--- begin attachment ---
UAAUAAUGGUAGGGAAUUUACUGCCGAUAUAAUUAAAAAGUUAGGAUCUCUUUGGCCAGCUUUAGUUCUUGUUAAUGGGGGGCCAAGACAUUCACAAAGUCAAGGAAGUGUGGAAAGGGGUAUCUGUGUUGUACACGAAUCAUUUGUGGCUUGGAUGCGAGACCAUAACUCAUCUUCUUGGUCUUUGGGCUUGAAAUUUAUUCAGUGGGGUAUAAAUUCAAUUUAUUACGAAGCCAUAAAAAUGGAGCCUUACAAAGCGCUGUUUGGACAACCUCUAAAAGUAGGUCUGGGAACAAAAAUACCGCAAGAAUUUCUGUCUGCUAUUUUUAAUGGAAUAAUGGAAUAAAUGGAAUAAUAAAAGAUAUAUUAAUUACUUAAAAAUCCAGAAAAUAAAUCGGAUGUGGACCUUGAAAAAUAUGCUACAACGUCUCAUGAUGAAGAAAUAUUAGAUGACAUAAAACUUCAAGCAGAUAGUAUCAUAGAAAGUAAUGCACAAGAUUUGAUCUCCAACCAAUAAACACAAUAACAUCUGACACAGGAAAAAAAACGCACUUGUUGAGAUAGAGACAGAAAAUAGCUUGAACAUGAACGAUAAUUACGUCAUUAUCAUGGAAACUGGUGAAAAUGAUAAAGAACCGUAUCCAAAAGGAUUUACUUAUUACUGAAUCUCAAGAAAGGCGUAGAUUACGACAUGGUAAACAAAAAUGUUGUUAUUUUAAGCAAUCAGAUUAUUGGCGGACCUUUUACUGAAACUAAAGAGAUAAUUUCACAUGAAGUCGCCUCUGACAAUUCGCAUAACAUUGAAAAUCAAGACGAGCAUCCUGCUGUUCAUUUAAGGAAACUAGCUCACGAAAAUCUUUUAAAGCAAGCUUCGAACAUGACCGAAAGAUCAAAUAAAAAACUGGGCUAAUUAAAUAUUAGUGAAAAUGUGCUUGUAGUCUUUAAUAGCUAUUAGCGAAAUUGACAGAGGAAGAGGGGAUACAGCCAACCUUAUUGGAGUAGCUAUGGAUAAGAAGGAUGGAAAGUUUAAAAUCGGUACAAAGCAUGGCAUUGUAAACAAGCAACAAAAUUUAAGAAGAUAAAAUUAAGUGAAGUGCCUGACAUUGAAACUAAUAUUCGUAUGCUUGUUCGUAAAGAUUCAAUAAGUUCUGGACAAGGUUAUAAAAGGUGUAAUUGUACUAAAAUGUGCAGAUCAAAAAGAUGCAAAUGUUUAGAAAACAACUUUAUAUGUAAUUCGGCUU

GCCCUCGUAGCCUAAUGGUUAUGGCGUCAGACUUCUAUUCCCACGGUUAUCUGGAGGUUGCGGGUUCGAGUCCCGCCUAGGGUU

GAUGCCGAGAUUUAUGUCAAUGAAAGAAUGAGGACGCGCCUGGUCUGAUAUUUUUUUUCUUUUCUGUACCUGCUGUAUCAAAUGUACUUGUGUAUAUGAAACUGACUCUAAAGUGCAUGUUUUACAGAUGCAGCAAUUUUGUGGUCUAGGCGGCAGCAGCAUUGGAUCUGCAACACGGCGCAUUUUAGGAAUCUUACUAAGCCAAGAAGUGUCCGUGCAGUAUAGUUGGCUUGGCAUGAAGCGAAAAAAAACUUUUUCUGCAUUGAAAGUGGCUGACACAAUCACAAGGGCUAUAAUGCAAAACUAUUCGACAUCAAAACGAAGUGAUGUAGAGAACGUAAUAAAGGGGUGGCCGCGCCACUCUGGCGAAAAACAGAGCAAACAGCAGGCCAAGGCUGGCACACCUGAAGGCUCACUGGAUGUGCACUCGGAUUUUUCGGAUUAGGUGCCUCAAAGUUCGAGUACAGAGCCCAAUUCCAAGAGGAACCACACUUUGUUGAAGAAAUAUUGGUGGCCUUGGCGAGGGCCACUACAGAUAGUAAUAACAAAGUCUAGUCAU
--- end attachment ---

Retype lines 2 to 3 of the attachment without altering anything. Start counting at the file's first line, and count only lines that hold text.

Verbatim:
GCCCUCGUAGCCUAAUGGUUAUGGCGUCAGACUUCUAUUCCCACGGUUAUCUGGAGGUUGCGGGUUCGAGUCCCGCCUAGGGUU

GAUGCCGAGAUUUAUGUCAAUGAAAGAAUGAGGACGCGCCUGGUCUGAUAUUUUUUUUCUUUUCUGUACCUGCUGUAUCAAAUGUACUUGUGUAUAUGAAACUGACUCUAAAGUGCAUGUUUUACAGAUGCAGCAAUUUUGUGGUCUAGGCGGCAGCAGCAUUGGAUCUGCAACACGGCGCAUUUUAGGAAUCUUACUAAGCCAAGAAGUGUCCGUGCAGUAUAGUUGGCUUGGCAUGAAGCGAAAAAAAACUUUUUCUGCAUUGAAAGUGGCUGACACAAUCACAAGGGCUAUAAUGCAAAACUAUUCGACAUCAAAACGAAGUGAUGUAGAGAACGUAAUAAAGGGGUGGCCGCGCCACUCUGGCGAAAAACAGAGCAAACAGCAGGCCAAGGCUGGCACACCUGAAGGCUCACUGGAUGUGCACUCGGAUUUUUCGGAUUAGGUGCCUCAAAGUUCGAGUACAGAGCCCAAUUCCAAGAGGAACCACACUUUGUUGAAGAAAUAUUGGUGGCCUUGGCGAGGGCCACUACAGAUAGUAAUAACAAAGUCUAGUCAU